By the rapidity of movement and skill with which General Jackson handled his troops, he, after several severe engagements, finally routed the enemy before the reenforcement of Whiting arrived; he then, on June 17th, proceeded, with that celerity which gave to his infantry its wonderful fame and efficiency, to execute the orders which General Lee had sent to him.

As evidence of the daring and unfaltering fortitude of General Lee, I will here recite an impressive conversation which occurred between us in regard to this movement. His plan was to throw forward his left across the Meadow Bridge, drive back to the enemy's right flank, and then, crossing by the Mechanicsville Bridge with another column, to [110] attack in front, hoping by his combined forces to be victorious on the north side of the Chickahominy; meanwhile the small force on the entrenched line south of the Chickahominy should hold the left of the enemy in check. I pointed out to him that our force and entrenched line between that left flank and Richmond was too weak for a protracted resistance, and if McClellan was the man I took him for when I nominated him for promotion in a new regiment of cavalry, and subsequently selected him for one of the military commission sent to Europe during the War of the Crimea, as soon as he found that the bulk of our army was on the north side of the Chickahominy, he would not stop to try conclusions with it there, but would immediately move upon his objective point, the city of Richmond. If, on the other hand, he should behave like an engineer officer, and deem it his first duty to protect his line of communication, I thought the plan proposed was not only the best, but would be a success. Something of his old esprit de corps manifested itself in General Lee's first response, that he did not know engineer officers were more likely than others to make such mistakes, but, immediately passing to the main subject, he added, ‘If you will hold him as long as you can at the intrenchment, and then fall back on the detached works around the city, I will be upon the enemy's heels before he gets there.’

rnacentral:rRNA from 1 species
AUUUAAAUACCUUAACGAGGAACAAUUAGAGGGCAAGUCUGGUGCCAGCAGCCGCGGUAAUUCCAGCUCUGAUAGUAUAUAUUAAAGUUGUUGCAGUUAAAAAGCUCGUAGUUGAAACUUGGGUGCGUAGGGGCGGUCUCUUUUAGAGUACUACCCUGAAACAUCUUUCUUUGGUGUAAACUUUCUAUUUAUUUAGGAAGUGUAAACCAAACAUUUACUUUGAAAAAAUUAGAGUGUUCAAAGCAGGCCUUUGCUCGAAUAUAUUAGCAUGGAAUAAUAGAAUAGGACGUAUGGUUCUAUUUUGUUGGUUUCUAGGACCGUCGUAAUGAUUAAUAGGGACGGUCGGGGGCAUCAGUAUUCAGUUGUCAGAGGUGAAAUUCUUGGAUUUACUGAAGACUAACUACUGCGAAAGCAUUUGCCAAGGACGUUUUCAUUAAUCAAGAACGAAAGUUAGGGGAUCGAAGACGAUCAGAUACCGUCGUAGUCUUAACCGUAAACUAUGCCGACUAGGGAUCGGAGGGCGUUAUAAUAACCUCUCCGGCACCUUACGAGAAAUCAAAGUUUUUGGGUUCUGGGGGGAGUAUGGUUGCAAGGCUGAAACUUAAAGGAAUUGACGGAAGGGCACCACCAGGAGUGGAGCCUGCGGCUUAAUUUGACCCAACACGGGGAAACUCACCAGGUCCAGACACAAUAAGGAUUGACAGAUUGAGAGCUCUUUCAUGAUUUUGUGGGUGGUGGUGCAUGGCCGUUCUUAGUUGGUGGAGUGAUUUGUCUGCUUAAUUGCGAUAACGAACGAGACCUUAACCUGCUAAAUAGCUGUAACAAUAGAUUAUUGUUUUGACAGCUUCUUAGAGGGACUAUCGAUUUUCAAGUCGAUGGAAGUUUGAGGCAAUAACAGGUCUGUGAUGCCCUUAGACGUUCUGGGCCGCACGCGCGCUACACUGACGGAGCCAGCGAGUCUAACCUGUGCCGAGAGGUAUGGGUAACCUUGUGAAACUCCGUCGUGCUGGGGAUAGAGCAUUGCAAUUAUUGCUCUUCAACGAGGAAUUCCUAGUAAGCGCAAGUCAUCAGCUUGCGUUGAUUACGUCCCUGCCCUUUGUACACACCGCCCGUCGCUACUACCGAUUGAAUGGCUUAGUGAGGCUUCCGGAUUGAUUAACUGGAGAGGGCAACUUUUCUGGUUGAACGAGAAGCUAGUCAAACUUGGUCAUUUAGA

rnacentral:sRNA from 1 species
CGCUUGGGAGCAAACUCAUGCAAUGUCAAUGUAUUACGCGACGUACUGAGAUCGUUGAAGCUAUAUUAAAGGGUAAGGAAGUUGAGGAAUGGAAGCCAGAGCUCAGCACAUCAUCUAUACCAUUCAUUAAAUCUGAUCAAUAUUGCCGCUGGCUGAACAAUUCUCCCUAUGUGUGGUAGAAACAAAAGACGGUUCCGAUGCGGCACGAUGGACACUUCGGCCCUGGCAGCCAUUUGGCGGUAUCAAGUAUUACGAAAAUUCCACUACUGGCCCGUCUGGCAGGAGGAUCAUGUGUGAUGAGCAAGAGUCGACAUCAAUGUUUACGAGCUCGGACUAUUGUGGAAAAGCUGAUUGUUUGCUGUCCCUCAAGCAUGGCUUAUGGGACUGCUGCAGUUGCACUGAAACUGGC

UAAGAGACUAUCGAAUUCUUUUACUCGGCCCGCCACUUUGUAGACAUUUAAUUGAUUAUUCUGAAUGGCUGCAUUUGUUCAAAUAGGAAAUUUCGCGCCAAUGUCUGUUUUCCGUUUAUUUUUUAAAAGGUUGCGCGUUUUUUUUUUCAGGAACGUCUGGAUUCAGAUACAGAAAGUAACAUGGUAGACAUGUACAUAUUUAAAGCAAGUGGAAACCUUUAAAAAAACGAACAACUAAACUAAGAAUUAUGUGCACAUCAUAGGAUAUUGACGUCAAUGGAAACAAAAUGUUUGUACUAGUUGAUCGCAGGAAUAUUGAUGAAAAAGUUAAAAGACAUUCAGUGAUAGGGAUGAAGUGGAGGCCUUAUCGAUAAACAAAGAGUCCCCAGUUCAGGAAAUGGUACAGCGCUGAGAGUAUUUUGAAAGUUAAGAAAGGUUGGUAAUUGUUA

Thus was inaugurated the offensive-defensive campaign which resulted so gloriously to our arms, and turned from the capital of the Confederacy a danger so momentous that, looking at it retrospectively, it is not seen how a policy less daring or less firmly pursued could have saved the capital from capture.

To resume the connected thread of our narrative: preparatory to this campaign, a light entrenchment for infantry cover, with some works for field guns, was constructed on the south side of the Chickahominy, and General Whiting, with two brigades, as before stated, was sent to reenforce General Jackson in the Valley, so as to hasten the expulsion of the enemy, after which Jackson was to move rapidly from the Valley so as to arrive in the vicinity of Ashland by June 24th, and by striking the enemy on his right flank, to aid in the proposed attack. The better to insure the success of this movement, General Lawton, who was coming with a brigade from Georgia to join General Lee, was directed to change his line of march and unite with General Jackson in the Valley.

As General Whiting went by railroad, it was expected that the enemy would be cognizant of the fact, but would not, probably, assign to it the real motive; that such was the case is shown by an unsuccessful attack [111] of the 26th, made on the Williamsburg road, with the apparent intention of advancing by that route to Richmond.